NOAA study backs up predictions of sea ice loss
Sea ice loss in regions of the Arctic is likely to exceed 40 percent by 2050 compared with the 1980s, according to an analysis of ice computer models by researchers at the National Oceanic and Atmospheric Administration.
A 40 percent loss of sea ice off Alaska in the Beaufort Sea could have profound effects on marine mammals dependent on the sea ice such as polar bears, now under consideration by the U.S. Fish and Wildlife Service for "threatened" status under the Endangered Species Act because of changes in the animals' habitat from global warming.
Researchers James Overland, an oceanographer at NOAA's Pacific Marine Environmental Laboratory in Seattle, and Muyin Wang, a meteorologist at NOAA's Joint Institute for the Study of the Atmosphere and Ocean at the University of Washington in Seattle, reviewed 20 computer models provided through the International Panel on Climate Change in its fourth assessment report released this year.
The researchers compared those models' projections from 1979 through 1999 with actual sea ice observations and eliminated models deemed to be less reliable.
"About half the models were off, or outliers, in that they had too much ice or too little ice or not enough difference between the ice in the summer or winter compared to the observations of ice we already have," Overland said at a news conference Thursday.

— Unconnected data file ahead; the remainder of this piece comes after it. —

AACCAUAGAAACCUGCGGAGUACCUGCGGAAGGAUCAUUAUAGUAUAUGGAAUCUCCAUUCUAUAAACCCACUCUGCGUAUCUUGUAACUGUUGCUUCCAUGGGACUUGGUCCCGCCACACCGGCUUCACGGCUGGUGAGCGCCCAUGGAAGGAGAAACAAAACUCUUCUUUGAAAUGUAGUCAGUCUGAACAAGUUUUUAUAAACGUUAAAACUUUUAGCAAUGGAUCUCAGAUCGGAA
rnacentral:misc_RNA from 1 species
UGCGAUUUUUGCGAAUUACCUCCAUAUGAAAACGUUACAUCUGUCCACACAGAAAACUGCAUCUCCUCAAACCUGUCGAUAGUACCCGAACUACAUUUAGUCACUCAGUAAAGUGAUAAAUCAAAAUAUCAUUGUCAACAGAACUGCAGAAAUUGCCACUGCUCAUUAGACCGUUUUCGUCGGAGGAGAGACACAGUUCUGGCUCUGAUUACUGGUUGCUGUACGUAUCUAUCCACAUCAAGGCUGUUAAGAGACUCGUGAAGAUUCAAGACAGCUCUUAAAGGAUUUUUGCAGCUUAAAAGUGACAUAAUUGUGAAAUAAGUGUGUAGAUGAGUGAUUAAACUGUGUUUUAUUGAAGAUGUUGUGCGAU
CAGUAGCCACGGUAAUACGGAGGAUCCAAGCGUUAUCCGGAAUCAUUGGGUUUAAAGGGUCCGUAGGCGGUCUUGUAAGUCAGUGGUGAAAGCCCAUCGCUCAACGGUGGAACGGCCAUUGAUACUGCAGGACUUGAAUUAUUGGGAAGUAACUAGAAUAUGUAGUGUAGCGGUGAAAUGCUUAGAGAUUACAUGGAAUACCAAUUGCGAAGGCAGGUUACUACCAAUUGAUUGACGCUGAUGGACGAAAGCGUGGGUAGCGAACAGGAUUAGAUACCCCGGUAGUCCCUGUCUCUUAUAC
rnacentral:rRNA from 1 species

The analysis increases the confidence in projections that greenhouse gas emissions will eliminate 40 percent of Arctic sea ice in summer and winter by the middle of the century, Overland said, based on emissions already in the atmosphere and those pumped out in the next two decades. In the 1980s, sea ice receded 30 to 50 miles each summer off the north coast of Alaska, Overland said.
"Now we're talking about 300 to 500 miles north of Alaska," he said of the projections for 2050.
That's far past the edge of the highly productive waters over the relatively shallow continental shelf off Alaska's north coast, considered important habitat for polar bears and their main prey, ringed seals, plus other ice-dependent mammals such as walrus.
It also will mean a changing ecosystem for commercial fishermen and marine mammals in the Bering Sea, Overland said.
With sea ice present, much of the nutrients produced in the ocean feed simple plankton that bloom and sink to the ocean floor, providing rich habitat for crabs, clams and the mammals that feed off them, including gray whales and walrus.
"If you don't have the ice around, the productivity stays up closer to the surface of the ocean," Overland said. "You actually have a change in the whole ecosystem from one that depends on the animals that live on the bottom to one that depends on the animals that live in the water column. So you have winners and losers."
That could mean short-term gains for salmon and pollock, he said. But it also could mean that fishermen will have to travel farther north to fish in Alaska's productive waters, and warm-water predators might also begin showing up.